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Aligning Engineering with Business Value through BDD
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Aligning Engineering with Business Value through BDD



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  • Start by scrubbing the behaviour of the whole application, and continue by specifying the individual parts needed for this behaviour.This approach is called “Outside-In” approach.


  • 1. Aligning Engineering with Business Value through BDD Devesh Chanchlani
  • 2. Test-driven Development • The code should be tested. • Each unit of code should be covered by test. • Each unit of code should be driven by test. (TDD) • Architecture should be arrived through Continuous Design following TDD.
  • 3. TDD Work Flow UT Code Module 1 UT Integration Tests UT UT UT UT Code Module 2
  • 4. Challenges of the Approach • • • • • • • Where to start? What to test? Scope ? What NOT to test? How much to test? How to name your tests? Intent ? Understanding why tests fail? How would the current code bit Assumption fit in the bigger picture? Driven
  • 5. Scope Intent / Motivation Client Driven Intended Behaviour
  • 6. BDD Work Flow 1. Pick a User-Story 2. Specify a Scenario for the User-Story 3. Run the Scenario and watch it fail a) Specify behaviour of the component of the system, in the form of an Example b) Run the example and watch it fail c) Implement minimum functionality to make the example pass 4. Run the scenario, and if it fails, continue with (a) 5. Write another Scenario
  • 7. BDD Work Flow Example User-Story: As a Bank Manager I want to offer reward points to the Credit Card customers So that they feel being valued, and can use the reward points to order various gifts from the shopping portal. Example: Amount Points 0 99 0 100 Scenario : Given a credit card customer When I spend <amount> from my credit card monthly Then I should get <points> reward points. 0 1 999 9 1000 10 1001 10 1500 15 9999 99 10000 100
  • 8. Test Story “RewardPoints.story” Scenario: Amount Spent Rs.0 Given a credit card customer When spends 0 from my credit card monthly Then should get 0 reward points. Scenario: Amount Spent Rs.9999 Given a credit card customer When spends 9999 from my credit card monthly Then should get 99 reward points.
  • 9. Steps import import import import import org.jbehave.core.annotations.Given; org.jbehave.core.annotations.Named; org.jbehave.core.annotations.Then; org.jbehave.core.annotations.When; org.jbehave.core.steps.Steps; public class ExampleSteps extends Steps { Customer customer; int amount; @Given("a credit card customer ") public void givenCustomer() { customer = new Customer(); } @When("spends $amt from my credit card monthly ") public void spendsAmountBy(@Named(“amt") int amount) { customer.setExpenditure(amount); } @Then(" should get $points reward points ") public void thenShouldGetPoints(@Named(“points") int points) { if(customer.getPointsAccrued() != points) throw new RuntimeException(“Customer points wrongly calculated”); } }
  • 10. Test Execution import java.util.Arrays; import java.util.List; import org.jbehave.core.embedder.Embedder; public class SimpleJBehave { private static Embedder embedder = new Embedder(); private static List<String> storyPaths = Arrays .asList(“bank/creditcard/simplejbehave/RewardPoints.story"); public static void main(String[] args) { embedder.candidateSteps().add(new ExampleSteps()); embedder.runStoriesAsPaths(storyPaths); } }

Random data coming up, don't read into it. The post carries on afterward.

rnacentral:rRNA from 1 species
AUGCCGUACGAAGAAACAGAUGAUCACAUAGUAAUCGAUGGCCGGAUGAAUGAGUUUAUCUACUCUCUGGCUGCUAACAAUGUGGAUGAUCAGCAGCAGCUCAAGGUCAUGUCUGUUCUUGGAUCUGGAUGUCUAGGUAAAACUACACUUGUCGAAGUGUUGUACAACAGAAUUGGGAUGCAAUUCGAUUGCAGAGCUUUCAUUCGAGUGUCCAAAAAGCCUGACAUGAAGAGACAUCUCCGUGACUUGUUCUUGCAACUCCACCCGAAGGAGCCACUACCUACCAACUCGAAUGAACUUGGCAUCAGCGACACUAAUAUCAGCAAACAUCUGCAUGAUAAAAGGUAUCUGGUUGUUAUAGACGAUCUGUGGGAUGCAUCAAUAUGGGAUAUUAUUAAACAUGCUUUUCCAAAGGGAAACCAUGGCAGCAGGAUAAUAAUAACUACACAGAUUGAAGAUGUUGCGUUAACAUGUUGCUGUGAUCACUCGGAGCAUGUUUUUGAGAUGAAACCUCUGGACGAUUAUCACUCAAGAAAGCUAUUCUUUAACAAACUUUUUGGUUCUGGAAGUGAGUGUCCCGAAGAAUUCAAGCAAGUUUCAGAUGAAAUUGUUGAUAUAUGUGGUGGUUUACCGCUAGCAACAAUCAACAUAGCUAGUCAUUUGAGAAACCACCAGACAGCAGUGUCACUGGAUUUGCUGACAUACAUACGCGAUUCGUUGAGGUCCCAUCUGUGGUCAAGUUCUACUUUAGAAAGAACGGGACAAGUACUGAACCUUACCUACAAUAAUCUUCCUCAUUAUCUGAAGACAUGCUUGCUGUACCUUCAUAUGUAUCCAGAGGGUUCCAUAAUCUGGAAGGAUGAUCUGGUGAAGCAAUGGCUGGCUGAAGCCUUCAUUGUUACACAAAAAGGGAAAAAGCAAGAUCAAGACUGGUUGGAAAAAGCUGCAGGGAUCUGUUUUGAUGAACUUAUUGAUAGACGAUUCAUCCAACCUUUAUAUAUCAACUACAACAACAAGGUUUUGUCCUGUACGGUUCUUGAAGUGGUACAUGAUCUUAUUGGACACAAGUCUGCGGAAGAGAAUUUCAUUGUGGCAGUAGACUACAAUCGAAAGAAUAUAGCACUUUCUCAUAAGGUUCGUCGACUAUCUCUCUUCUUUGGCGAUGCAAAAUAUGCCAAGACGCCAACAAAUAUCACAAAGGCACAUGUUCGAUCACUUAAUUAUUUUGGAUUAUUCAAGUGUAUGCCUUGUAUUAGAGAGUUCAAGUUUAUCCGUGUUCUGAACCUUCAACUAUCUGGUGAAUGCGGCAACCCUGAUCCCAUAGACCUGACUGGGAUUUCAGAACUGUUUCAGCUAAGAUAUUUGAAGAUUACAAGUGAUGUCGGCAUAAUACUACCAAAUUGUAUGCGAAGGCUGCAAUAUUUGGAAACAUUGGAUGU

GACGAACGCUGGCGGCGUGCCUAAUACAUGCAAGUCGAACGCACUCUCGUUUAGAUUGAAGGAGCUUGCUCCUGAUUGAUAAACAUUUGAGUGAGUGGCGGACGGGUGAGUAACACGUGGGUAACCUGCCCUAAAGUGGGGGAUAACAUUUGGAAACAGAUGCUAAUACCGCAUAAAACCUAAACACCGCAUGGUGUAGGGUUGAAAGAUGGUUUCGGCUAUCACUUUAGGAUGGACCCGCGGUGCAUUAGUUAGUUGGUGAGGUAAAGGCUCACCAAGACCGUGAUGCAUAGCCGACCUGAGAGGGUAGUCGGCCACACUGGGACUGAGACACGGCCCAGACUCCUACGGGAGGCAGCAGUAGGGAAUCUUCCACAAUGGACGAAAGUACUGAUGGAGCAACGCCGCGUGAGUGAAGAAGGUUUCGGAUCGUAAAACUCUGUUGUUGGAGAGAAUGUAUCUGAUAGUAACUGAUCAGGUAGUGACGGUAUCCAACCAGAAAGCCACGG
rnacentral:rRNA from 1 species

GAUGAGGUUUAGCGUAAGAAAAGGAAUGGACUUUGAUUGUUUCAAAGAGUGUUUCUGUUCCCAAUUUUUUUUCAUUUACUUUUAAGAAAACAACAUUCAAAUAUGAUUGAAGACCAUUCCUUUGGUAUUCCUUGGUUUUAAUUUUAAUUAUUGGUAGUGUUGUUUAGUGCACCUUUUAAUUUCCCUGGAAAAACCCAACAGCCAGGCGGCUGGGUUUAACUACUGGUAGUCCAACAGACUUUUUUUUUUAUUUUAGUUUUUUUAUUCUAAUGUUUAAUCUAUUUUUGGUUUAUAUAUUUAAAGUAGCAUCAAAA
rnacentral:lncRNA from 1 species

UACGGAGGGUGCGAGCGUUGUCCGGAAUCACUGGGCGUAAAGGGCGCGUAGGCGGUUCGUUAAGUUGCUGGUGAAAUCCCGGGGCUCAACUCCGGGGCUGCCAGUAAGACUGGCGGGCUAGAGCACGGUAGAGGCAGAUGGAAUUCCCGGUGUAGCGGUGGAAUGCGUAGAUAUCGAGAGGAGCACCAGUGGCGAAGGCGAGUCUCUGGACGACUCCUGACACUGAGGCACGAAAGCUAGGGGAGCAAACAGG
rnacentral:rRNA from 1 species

• 11. The New Approach … UT Code Module 1 UT Integration (Behaviour) Test UT UT UT Code Module 2 Feature UT
  • 12. Contrasting BDD & TDD
  • 13. Thinking in Behavioural Terms TDD  testZeroBill  testRewardPointsRoundingOff  testRewardPointsCalculation BDD  should reward no points when bill is 0  should round off reward points to the floor value  should reward 1 point on every Rs.100 spent Benefits of thinking in “behaviour”:  What to call your test is easy  How much to test becomes clear  Reason of a test failure becomes clearly evident
  • 14. BDD is still TDD • • • • Red-Green-Refactor Test-first programming Design principles and practices Micro-incremental design BDD covers more ground than TDD, although TDD is at its core. BDD is Second-generation Agile methodology, based on • Extreme Programming • Lean Software Development
  • 15. BDD is Multi-Scale Specifications can be described at multiple levels  Top-level can focus on user-interaction  Further down can focus on affected areas that fulfil the higher levels expectations  Even lower we can focus on technical implementation, still with a solid focus on the behaviour
  • 16. Outside-In, Pull-Based TDD UT UT UT UT UT Integration Tests UT Integration (Behaviour) Test UT UT UT UT Feature UT Inside-Out, Push-based UT Outside-In, Pull-based
  • 17. Assumption Driven o Need substantial upfront-design in some kind of modelling tool o Causes waste by decreasing accuracy and increasing rework o Developer may develop more than what the app needed, or miss what was actually required. V/S Client Driven o Forces the developer to prove the value of the design by experiencing it first o Focussed on what you are actually developing o Implement exactly what is needed
  • 18.  BDD creates more harmony between the user story and the Test-Driven Development.  The user stories practices represent analysis and specification in agile projects and TDD represents software design.  Using BDD, devs are able to best consider the interface from the perspective of the consumer of the service rather than as the producer.  BDD aims to bridge the gap between the differing views of computer systems held by Business users and Technologists.
  • 19. Questions …